Wednesday, October 31, 2012


We got lucky.  No damage and we have electric.  No cable, Internet or phone .  My neighbor had a150 year old oak fall on her house.  She has been living with us.  Since it is a city tree she can't do a thing to make her house safe.  The parks department told her to call 311 but 311 answers with a recording saying it is not a working number.    I am currently using a neighbor's Verizon account.  Unlike Time Warner they seem to keep their system running.  I can't get my laptop working so no pictures.  Hope everyone is safe.  

Sunday, October 28, 2012


 Only have two classes so marking their test papers shouldn't be a chore, but I hate doing it.  I am the queen of procrastination. 

Instead, I have been playing with photo shop and looking at the beautiful autumn pictures I took in the park across the street from where my house. 

More photos here, on Facebook.

(Couple above were preparing for a wedding.  They lucked out with weather.  And, their venue was beautiful and priced right.)

Saturday, October 27, 2012

Narrow Minded and Missing Out



Fiona refuses to go to the MOMA, the Guggenheim, the Whitney, or any modern art museum because she doesn't like modern art.  She refuses to understand not all modern art is abstract art.  The very artists she loves the most, Monet, Munch, Dali, are featured in these museums.  There are wonderful Picassos and Van Goghs and hundreds of other artists whose work she has copies of in her home.  There are specialty exhibits that make the trip and the price of admission worthwhile, but Fiona is stubborn.  She doesn't like modern art and won't go.

Fiona taught for many years.  She had students who began the semester hating certain things she taught, but she pursued them anyway.  Even those who never learned to appreciate the beauty of her subject, learned to respect it and appreciate it for what it was.  Too bad Fiona can't be educated the way she educated others.

(Forgive bad pictures.  I can't hold camera steady enough without flash but I had to post a few.)

Thursday, October 25, 2012

Washer Woman

Scrubbing is the practice of taking every regents score between 59 and 64 and trying to raise the score to a 65.  It is something that has gone on for as long as I can remember. Schools get rated by the number of passing scores so it is imperative to get those failing grades up.  A lesser known practice is the scrubbing of grades below 85 because these grades also increase the rating of a school.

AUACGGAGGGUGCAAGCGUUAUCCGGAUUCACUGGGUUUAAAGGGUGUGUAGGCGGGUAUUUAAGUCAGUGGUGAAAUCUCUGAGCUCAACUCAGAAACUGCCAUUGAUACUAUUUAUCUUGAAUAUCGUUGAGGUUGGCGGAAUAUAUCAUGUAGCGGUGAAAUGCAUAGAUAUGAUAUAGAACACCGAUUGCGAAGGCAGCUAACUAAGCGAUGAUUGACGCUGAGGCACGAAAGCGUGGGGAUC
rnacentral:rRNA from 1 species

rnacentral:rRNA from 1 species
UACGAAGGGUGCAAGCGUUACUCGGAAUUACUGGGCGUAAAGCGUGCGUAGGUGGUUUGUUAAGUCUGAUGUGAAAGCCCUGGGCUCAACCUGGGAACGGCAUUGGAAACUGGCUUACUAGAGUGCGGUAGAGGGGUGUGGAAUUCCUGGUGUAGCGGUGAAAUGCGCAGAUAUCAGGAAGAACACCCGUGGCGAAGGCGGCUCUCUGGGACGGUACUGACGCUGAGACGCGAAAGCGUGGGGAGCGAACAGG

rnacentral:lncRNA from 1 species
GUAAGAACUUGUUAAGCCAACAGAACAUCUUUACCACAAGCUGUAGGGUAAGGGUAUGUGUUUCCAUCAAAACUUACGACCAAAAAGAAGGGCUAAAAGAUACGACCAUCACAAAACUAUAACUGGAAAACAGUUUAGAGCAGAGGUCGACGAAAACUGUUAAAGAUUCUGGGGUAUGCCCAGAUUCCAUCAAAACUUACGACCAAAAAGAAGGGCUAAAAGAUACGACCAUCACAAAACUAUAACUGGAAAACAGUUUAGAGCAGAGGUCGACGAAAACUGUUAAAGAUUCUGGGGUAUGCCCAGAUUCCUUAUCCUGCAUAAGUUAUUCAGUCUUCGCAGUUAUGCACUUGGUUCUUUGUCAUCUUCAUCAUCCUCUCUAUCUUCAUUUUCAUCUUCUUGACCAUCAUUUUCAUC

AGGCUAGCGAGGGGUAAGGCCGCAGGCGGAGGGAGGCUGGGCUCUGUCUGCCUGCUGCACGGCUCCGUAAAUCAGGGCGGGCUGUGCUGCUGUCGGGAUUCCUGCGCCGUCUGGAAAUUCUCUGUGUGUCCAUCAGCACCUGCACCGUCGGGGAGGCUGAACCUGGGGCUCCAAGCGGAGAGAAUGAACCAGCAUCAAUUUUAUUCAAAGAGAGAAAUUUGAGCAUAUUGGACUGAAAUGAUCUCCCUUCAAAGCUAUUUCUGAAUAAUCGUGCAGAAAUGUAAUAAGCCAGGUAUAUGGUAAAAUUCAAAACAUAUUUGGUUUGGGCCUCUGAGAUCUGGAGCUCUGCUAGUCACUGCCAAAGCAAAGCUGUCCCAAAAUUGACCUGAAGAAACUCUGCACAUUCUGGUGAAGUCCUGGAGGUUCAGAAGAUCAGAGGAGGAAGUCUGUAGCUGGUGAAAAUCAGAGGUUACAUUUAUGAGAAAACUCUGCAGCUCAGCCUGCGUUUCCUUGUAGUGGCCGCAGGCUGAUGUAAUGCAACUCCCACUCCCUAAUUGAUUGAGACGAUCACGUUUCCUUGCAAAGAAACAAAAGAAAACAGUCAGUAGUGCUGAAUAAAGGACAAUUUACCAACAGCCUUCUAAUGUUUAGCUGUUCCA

Miss Marsh was our school's scrub woman.  While everyone marked, she did the rereads.  She found points no one else would ever have thought of awarding.  She was so creative with the points she awarded, she was even brought in after retirement to keep on scrubbing.

According to an article in Gotham News, the number of 65s on regents exams has decreased. I wonder if anyone checked the number of 66s or the increase in the number of 85s.

Wednesday, October 24, 2012

NYC Post

I haven't written too much about city sites lately but that doesn't mean I haven't been taking them in.  Yesterday I got to visit Discovering Columbus, one of Public Art projects.  Tatzu Nish, a Japanese artist transformed the statue of Columbus by erecting a six story structure around it and putting Columbus in the middle of his living room.  It is truly a wonderful site to see.  In addition, the view from here of Central Park and surrounding areas is terrific.  More pictures here, on facebook.

Tuesday, October 23, 2012

Need Fractions? Of Course!

Sign on 57th St on a new pedestrian walkway being built between 6th and 7th Ave.

Monday, October 22, 2012

My Letter To Obama

Dear President Obama,

I am a retired teacher and personally have nothing to gain or to lose with any new evaluation system or with added value data.  But, I do have a lot to gain or lose based on the future education of today's youth.  It might be a little hokey to say that children are our future, but hokey or not, it is true.  I, and others, will be dependant on the young to keep this country running.  We'll need the doctors, nurses, and engineers.  We will also need the cooks, the toilet cleaners and the ditch diggers.  And, Mr. President, these last occupation are equally important to my future.  Not everyone wants to go to college or has the ability to succeed in college.  There are people that will want and enjoy these jobs that do not require an advanced degree.  Instead of pushing everyone towards college, you should start respecting all occupations and working to insure everyone, no matter what field they work in, get paid a decent wage and are afforded respect for what they do.